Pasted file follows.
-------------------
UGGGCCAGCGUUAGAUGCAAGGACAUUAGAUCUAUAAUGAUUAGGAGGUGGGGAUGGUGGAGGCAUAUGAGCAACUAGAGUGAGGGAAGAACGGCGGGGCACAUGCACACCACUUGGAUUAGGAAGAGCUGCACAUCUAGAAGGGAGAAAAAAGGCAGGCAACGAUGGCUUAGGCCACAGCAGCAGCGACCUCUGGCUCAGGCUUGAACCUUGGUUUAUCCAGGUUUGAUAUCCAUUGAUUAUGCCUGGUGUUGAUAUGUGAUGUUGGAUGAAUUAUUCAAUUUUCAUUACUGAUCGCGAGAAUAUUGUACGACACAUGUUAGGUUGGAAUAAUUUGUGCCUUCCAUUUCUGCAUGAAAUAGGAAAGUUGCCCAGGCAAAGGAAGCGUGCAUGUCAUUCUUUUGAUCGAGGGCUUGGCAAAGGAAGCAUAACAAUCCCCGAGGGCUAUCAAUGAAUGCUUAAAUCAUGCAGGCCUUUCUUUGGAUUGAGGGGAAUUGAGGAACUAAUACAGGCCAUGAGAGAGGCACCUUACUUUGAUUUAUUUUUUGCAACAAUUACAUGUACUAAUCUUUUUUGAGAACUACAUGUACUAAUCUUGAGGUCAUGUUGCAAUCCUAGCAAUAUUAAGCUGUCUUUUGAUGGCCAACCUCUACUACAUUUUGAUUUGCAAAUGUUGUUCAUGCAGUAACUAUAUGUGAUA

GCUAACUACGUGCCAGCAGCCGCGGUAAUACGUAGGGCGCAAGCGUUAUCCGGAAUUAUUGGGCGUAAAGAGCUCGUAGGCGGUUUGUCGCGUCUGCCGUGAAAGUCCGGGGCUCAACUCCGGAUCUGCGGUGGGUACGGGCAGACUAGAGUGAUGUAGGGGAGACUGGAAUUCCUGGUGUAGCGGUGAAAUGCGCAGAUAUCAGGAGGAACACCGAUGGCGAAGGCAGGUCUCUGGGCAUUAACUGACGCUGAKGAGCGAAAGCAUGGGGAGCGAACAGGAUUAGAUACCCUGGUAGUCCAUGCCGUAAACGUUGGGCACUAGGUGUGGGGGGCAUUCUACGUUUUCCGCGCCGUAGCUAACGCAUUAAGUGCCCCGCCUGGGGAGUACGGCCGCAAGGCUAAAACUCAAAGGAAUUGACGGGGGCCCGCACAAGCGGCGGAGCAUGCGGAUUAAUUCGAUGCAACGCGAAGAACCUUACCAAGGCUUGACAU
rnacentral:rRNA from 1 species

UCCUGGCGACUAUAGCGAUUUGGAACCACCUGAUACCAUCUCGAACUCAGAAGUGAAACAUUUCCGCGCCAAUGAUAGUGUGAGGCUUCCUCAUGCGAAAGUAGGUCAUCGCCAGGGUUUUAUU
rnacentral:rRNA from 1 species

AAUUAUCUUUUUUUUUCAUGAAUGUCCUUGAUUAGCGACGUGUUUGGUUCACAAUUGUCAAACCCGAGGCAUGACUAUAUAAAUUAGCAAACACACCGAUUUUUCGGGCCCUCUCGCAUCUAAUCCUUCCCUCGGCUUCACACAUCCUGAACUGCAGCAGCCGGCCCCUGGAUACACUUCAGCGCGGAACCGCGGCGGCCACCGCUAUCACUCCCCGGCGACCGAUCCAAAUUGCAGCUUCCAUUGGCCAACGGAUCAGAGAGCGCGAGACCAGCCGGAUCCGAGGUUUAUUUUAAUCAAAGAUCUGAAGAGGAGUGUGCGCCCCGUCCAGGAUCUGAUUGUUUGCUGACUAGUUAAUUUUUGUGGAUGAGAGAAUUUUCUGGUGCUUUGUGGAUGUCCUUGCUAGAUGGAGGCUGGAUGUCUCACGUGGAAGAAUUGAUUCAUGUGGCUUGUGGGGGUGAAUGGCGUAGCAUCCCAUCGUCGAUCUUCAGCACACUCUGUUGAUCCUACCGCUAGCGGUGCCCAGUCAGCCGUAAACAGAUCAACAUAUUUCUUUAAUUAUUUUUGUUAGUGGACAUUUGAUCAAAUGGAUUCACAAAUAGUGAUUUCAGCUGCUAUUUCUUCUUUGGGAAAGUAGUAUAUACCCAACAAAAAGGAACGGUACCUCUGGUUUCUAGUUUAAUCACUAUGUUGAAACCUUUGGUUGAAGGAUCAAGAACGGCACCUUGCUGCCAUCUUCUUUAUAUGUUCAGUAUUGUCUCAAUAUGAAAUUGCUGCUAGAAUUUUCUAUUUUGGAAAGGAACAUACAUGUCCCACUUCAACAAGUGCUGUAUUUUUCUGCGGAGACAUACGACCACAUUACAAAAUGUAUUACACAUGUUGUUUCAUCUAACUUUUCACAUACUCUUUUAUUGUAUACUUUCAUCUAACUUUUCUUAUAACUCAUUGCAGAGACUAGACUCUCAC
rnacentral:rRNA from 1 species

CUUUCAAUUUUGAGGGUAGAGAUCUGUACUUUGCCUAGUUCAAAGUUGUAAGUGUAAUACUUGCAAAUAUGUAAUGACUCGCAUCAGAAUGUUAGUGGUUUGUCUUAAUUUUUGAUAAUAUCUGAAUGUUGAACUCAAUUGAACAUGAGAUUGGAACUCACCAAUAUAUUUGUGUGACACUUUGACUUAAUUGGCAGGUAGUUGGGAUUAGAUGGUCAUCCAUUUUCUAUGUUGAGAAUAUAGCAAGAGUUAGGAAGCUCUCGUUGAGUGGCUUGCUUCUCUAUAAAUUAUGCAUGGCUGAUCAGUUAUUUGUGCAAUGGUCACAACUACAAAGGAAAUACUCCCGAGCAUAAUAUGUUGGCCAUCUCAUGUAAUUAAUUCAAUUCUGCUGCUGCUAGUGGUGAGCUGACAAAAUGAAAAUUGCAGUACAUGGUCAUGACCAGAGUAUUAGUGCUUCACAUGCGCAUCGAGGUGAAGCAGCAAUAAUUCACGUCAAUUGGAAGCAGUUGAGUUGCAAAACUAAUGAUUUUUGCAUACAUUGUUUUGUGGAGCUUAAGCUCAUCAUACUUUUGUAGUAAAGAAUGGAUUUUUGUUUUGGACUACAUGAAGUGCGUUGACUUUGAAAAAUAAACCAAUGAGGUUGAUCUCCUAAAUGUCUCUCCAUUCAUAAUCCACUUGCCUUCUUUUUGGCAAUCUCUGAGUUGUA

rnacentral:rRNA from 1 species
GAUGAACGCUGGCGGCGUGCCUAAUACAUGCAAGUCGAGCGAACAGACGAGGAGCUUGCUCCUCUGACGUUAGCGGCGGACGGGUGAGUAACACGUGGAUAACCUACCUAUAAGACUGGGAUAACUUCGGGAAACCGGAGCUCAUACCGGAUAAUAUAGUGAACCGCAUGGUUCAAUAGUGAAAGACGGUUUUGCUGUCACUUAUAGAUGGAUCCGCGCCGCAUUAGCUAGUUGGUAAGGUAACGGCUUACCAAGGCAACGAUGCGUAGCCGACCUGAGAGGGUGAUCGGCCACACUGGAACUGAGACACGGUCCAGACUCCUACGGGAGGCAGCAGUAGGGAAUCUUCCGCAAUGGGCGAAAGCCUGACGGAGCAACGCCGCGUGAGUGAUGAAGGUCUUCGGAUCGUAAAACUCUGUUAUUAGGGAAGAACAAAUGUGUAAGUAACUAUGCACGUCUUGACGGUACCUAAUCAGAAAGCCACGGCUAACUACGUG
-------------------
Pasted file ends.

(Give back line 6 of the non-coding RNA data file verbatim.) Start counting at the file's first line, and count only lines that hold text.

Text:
AAUUAUCUUUUUUUUUCAUGAAUGUCCUUGAUUAGCGACGUGUUUGGUUCACAAUUGUCAAACCCGAGGCAUGACUAUAUAAAUUAGCAAACACACCGAUUUUUCGGGCCCUCUCGCAUCUAAUCCUUCCCUCGGCUUCACACAUCCUGAACUGCAGCAGCCGGCCCCUGGAUACACUUCAGCGCGGAACCGCGGCGGCCACCGCUAUCACUCCCCGGCGACCGAUCCAAAUUGCAGCUUCCAUUGGCCAACGGAUCAGAGAGCGCGAGACCAGCCGGAUCCGAGGUUUAUUUUAAUCAAAGAUCUGAAGAGGAGUGUGCGCCCCGUCCAGGAUCUGAUUGUUUGCUGACUAGUUAAUUUUUGUGGAUGAGAGAAUUUUCUGGUGCUUUGUGGAUGUCCUUGCUAGAUGGAGGCUGGAUGUCUCACGUGGAAGAAUUGAUUCAUGUGGCUUGUGGGGGUGAAUGGCGUAGCAUCCCAUCGUCGAUCUUCAGCACACUCUGUUGAUCCUACCGCUAGCGGUGCCCAGUCAGCCGUAAACAGAUCAACAUAUUUCUUUAAUUAUUUUUGUUAGUGGACAUUUGAUCAAAUGGAUUCACAAAUAGUGAUUUCAGCUGCUAUUUCUUCUUUGGGAAAGUAGUAUAUACCCAACAAAAAGGAACGGUACCUCUGGUUUCUAGUUUAAUCACUAUGUUGAAACCUUUGGUUGAAGGAUCAAGAACGGCACCUUGCUGCCAUCUUCUUUAUAUGUUCAGUAUUGUCUCAAUAUGAAAUUGCUGCUAGAAUUUUCUAUUUUGGAAAGGAACAUACAUGUCCCACUUCAACAAGUGCUGUAUUUUUCUGCGGAGACAUACGACCACAUUACAAAAUGUAUUACACAUGUUGUUUCAUCUAACUUUUCACAUACUCUUUUAUUGUAUACUUUCAUCUAACUUUUCUUAUAACUCAUUGCAGAGACUAGACUCUCAC